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Iowans care about the environment, and we all want to do more to conserve our natural resources for the next generation.
Maybe you’ve cut back on the amount of plastic you use, started buying second-hand clothes at thrift shops or grow an organic garden. Perhaps you are also taking a closer look at your diet and shopping habits, including your choice to eat meat.
Environmental and animal rights activists claim that you can adopt an environmentally friendly diet by reducing or eliminating meat from your plate.
However, livestock agriculture’s role in environmental and food sustainability is more complex than activists and social media influencers would have us believe, say animal science and nutrition experts.
Eating less meat or adopting “Meatless Mondays” won’t have much impact on climate change or our food system’s land and water usage, explains Dr. Sara Place, senior director of sustainable beef production research at the National Cattlemen’s Beef Association.
“There is definitely a lot of misinformation around the idea of sustainable nutrition …,” Place says. “And it’s hard to explain in a tweet. So it requires people to dig a little, because there are so many things that factor into sustainability.”
Are cows contributing to climate change?
Activists often blame cattle emissions – or to put it bluntly, cow farts – for climate change. That’s because cows emit methane, a greenhouse gas linked to global warming.
But in reality, cattle account for only about 2 percent of global greenhouse gas emissions, according to the U.S. Environmental Protection Agency. In comparison, our transportation system – including cars, planes and more – accounts for more than 25.3 percent of U.S. greenhouse gas emissions.
Even extreme dietary changes – such as switching to a vegan, all-plant diet – won’t have much impact on climate change and global temperatures, Place explains.
“People want to act. I don’t doubt the good intentions. People want to make a positive difference,” Place says. “But if somebody does ‘Meatless Mondays,’ they are making no difference at all. Americans only eat about one-tenth of one bovine (cow) per year (per person).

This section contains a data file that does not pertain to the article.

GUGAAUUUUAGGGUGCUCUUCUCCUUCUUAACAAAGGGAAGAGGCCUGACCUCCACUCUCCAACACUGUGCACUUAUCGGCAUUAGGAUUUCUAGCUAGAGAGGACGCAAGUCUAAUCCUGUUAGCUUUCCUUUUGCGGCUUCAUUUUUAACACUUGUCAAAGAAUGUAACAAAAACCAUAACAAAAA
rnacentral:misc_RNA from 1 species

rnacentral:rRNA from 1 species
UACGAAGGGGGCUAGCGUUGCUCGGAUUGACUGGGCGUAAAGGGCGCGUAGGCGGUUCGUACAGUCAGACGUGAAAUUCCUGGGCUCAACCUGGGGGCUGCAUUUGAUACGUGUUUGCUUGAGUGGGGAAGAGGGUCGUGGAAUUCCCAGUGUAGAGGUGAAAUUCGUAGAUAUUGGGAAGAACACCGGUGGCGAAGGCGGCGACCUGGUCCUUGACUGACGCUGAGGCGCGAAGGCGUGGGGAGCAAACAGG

How does beef fit into an environmentally friendly diet?
As for beef’s role in a sustainable diet, Place explains that cattle are natural “upcyclers.”
Cattle can consume plant materials – such as grasses, corn stalks, ethanol byproducts and more – that are inedible to humans because of the animal’s unique ruminant digestive system.
Even vegetarians benefit from cattle, Place notes. Cattle eat the inedible “leftovers,” such as pea pods, beet roots and wheat stalks, from the production of plant-based meat substitutes like pea-protein burgers.
Place says cattle are raised in all 50 states, often on grazing lands that are otherwise unsuitable for growing food. One out of every three farms in the United States raises cattle.
“When you talk about nutrition and sustainability, cattle play a unique role as ruminants in the larger ag and food system,” Place says. “They are taking what we can’t consume, and taking grazing lands (we can’t farm), and upgrading those resources for high-quality beef for people.”
Cattle manure is also a high-quality fertilizer used in conventional and organic farming, Place adds.
In addition, cattle don’t just produce beef. Cattle provide byproducts used to make medicines and vital household goods, such as building supplies, tires and clothing. “Nothing (in beef production) is wasted,” Place says.
How much water do cattle use?